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John Murray, Earl of Dunmore, the last royal governor of Virginia, formed what he termed “Lord Dunmore’s Ethiopian Regiment” in the fall of 1775 from the several hundred slaves who escaped their servitude to join him, as he fled Williamsburg to organize a small army of loyalists and British soldiers on the coast near Norfolk. In November, Dunmore published a proclamation promising freedom to servants and slaves able to bear arms, and enough joined him to make up half of the force that first routed the Virginia militia at Kemp’s Landing and then, in December, suffered a devastating defeat at Great Bridge on the Elizabeth River. By then, Dunmore reported to London, that nearly three hundred men of the Ethiopian Regiment were clad in uniforms embroidered with the provocative words “liberty to slaves.” Patriot writers reacted with fear and fury to the threat posed by this first systematic freeing and arming of the South’s black labor force.
In the months that followed, the Regiment served in the evacuation of Norfolk and in marine service around the Chesapeake. Two shore camps had to be abandoned after smallpox and other diseases took a heavy toll. In August, Dunmore took his depleted force to New York, where the Regiment was disbanded. Many of its survivors remained in British service. Among them were Henry Washington and Thomas Peters, who served in Pioneer units through the war and then found free lives in Nova Scotia and Sierra Leone.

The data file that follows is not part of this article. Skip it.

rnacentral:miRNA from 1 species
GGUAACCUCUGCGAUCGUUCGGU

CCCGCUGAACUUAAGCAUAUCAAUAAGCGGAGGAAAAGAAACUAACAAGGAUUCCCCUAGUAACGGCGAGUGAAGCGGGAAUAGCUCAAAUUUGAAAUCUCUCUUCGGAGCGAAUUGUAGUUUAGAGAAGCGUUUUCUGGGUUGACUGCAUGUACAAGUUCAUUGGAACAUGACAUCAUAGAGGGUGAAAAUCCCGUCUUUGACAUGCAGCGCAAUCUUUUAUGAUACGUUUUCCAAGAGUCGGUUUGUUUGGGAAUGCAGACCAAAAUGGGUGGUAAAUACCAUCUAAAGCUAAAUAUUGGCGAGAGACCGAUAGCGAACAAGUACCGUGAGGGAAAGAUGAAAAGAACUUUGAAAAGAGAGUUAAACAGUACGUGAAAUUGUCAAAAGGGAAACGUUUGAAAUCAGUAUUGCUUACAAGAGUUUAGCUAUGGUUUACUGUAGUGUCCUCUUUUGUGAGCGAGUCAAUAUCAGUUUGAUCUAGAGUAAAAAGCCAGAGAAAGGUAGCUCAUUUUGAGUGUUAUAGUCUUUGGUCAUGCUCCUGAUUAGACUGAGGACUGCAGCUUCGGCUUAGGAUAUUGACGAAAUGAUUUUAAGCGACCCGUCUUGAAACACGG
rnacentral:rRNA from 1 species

The formation of Dunmore’s Regiment marked a significant turn in both British policy and American race relations for its members were the first of an estimated twelve thousand blacks who served with British forces in North America during the Revolutionary War. Their reception by the British was one factor that prompted the Continental Congress, by 1777, to rescind its November 1775 declaration that blacks were ineligible to serve in the Continental Army, and led to the first significant enrolments of free blacks and then slaves in the patriot forces.
The Negro and the American Revolution (Chapel Hill: University of North
Carolina Press, 1961); Simon Schama, Rough
Crossings: Britain, the Slaves, and the
American Revolution (New York: HarperCollins, 2006); Christopher Leslie Brown and
Philip D. Morgan, eds., Arming Slaves:
From Classical Times to the Modern Age (University Press: New Haven, 2006).
University of Washington